Mouthguards and TMJ

What are TMJ disorders?

The term TMJ refers to the Temporo-Mandibular joint, which is where your jaw is attached to your skull, and is the joint used when you open and close your mouth, as well as when you speak and chew. The term TMJ disorder is used to describe any of varied conditions that cause pain and compromised or limited movement of the TM joint and its surrounding muscles.

TMJ disorders are characterized by symptoms such as pain in the jaw, difficulty chewing, and clicking and locking in the jaw when you open and close your mouth, speak, or chew food.

What are common causes of TMJ disorders?

The temporomandibular joint or TMJ works much as a sliding hinge, connecting your jawbone to the bones of your skull. TMJ disorders may result from:

  • Injury to the teeth or jaw.
  • A misalignment of the teeth or jaw.
  • Malocclusions that produce orthodontic problems in the teeth and jaw.

In many cases, TMJ disorders may be caused or exacerbated by bruxism, or teeth grinding, as well as other factors such as stress, poor posture, arthritic conditions, and compulsive habits such as gum chewing or nail-biting.

How are TMJ disorders treated?

Common treatments include medications, bite guards or night guards, and physical therapy. In some cases, orthodontic treatments to gently align the teeth and bite may lead to improvements in pain and discomfort caused by TMJ Syndrome.

Often TMJ disorders develop as a consequence of problems in your teeth and bite, or conversely, these disorders may cause malocclusions or problems in your teeth and bite. In either case, an orthodontic device such as a nightguard may be effective in alleviating symptoms of TMJ disorders.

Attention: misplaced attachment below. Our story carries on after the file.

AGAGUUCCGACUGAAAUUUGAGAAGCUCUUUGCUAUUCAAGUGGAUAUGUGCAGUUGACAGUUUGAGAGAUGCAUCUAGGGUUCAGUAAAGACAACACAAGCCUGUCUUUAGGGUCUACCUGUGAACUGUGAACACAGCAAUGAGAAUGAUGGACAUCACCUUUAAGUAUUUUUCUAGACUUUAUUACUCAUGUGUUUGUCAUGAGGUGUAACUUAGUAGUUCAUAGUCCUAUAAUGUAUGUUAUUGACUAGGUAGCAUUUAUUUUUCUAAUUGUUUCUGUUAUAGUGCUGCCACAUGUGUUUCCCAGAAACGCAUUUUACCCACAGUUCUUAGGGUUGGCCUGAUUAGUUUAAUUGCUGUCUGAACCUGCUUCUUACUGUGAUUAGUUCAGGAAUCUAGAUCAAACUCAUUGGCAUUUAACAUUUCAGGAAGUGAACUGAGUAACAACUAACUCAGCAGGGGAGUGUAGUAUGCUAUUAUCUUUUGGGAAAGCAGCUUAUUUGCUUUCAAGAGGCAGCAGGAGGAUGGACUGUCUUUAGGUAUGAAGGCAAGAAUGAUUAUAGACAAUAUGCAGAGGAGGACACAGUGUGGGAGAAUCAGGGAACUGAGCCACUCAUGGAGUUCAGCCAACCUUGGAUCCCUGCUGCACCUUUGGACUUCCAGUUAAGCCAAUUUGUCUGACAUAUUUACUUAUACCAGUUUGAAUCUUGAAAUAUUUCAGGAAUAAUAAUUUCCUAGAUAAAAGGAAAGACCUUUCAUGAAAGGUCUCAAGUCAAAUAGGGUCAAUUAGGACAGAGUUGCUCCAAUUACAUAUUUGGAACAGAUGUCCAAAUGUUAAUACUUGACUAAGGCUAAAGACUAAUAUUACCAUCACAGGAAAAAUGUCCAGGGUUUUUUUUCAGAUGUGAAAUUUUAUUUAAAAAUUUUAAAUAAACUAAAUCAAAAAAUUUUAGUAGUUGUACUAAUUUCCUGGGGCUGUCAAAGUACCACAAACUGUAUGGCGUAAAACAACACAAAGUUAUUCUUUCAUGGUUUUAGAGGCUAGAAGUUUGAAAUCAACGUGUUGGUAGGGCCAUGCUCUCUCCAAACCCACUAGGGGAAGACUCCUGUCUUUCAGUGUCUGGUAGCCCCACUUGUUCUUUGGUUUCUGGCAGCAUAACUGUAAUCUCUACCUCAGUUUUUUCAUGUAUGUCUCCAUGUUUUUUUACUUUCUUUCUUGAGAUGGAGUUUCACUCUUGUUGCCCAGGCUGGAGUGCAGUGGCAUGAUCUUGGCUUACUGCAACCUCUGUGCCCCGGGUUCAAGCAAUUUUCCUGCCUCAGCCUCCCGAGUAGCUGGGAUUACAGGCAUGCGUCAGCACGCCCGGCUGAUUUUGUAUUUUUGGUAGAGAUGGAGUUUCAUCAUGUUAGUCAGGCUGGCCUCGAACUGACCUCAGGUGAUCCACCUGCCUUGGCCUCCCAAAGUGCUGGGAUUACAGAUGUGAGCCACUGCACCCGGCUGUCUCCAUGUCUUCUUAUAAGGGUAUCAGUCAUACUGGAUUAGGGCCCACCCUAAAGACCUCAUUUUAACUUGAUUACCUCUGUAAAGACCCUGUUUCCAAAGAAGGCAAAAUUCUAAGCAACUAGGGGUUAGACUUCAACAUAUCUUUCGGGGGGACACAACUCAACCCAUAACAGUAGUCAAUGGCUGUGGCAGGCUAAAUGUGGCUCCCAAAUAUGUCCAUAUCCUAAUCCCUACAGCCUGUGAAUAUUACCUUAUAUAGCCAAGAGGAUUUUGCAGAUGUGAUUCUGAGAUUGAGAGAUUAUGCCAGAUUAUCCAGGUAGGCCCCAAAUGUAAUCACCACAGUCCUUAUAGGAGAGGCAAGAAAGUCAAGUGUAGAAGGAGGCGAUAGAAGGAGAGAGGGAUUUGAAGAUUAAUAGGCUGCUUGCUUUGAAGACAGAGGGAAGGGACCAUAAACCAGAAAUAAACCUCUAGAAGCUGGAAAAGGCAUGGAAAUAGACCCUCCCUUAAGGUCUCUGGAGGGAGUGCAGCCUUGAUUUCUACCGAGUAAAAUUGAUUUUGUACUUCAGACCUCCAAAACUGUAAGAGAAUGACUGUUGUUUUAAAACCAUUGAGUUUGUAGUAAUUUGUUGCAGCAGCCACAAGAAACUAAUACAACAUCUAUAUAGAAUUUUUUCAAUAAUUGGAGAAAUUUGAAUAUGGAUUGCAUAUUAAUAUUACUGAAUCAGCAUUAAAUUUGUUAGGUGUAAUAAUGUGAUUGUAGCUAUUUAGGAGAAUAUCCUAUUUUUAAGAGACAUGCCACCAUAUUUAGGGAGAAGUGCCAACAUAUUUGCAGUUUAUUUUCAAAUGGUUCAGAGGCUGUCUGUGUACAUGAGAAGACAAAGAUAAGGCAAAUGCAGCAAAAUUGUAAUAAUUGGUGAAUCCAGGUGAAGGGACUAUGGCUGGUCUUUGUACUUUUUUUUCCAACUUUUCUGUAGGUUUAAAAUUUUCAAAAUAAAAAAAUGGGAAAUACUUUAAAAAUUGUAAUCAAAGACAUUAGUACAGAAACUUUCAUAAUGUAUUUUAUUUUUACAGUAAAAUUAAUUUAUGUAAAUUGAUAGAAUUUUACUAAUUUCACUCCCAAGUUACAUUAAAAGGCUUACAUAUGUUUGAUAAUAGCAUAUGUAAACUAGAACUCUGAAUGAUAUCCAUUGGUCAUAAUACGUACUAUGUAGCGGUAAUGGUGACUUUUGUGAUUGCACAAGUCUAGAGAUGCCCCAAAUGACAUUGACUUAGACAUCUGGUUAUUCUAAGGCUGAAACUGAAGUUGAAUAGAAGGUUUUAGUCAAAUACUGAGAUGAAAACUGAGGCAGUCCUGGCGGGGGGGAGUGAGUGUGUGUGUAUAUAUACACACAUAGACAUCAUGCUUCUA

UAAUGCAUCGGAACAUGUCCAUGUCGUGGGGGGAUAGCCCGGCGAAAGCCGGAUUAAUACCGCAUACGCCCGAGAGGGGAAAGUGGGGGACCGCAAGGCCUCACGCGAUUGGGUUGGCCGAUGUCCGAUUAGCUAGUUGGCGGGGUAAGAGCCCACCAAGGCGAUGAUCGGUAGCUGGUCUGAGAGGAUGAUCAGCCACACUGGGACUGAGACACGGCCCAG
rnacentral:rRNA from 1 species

How can a bite guard help alleviate TMJ disorders?

A mouthguard is a key tool of defense against TMJ disorders. It can prevent the wear and tear on your teeth caused by much of the unconscious behavior that causes TMJ disorders to worsen. This includes keeping you from clenching and grinding your teeth.

When TMJ conditions go untreated, there is a gradual worsening of the condition. This is because the repetition of tooth grinding can cause teeth to shift further from their proper positions. The jawbone can also become more and more misaligned, over time.

To correct this, the mouth guard also acts as an orthodontic device, gradually aligning your jaw to the proper position in order to correct an improper bite that may be exacerbating TMJ disorders. In these cases, your night or bite guard may need to be adjusted every so often as your teeth gradually align themselves through the use of the bite guard.

Wearing a night or bite guard also allows your jaw and facial muscles to relax, reducing muscle spasms, which alleviates pain in some patients.

Additionally, a mouthguard can prevent your jaw from locking and popping when you open and close your mouth, which is also a source of pain for many who suffer from TMJ disorders.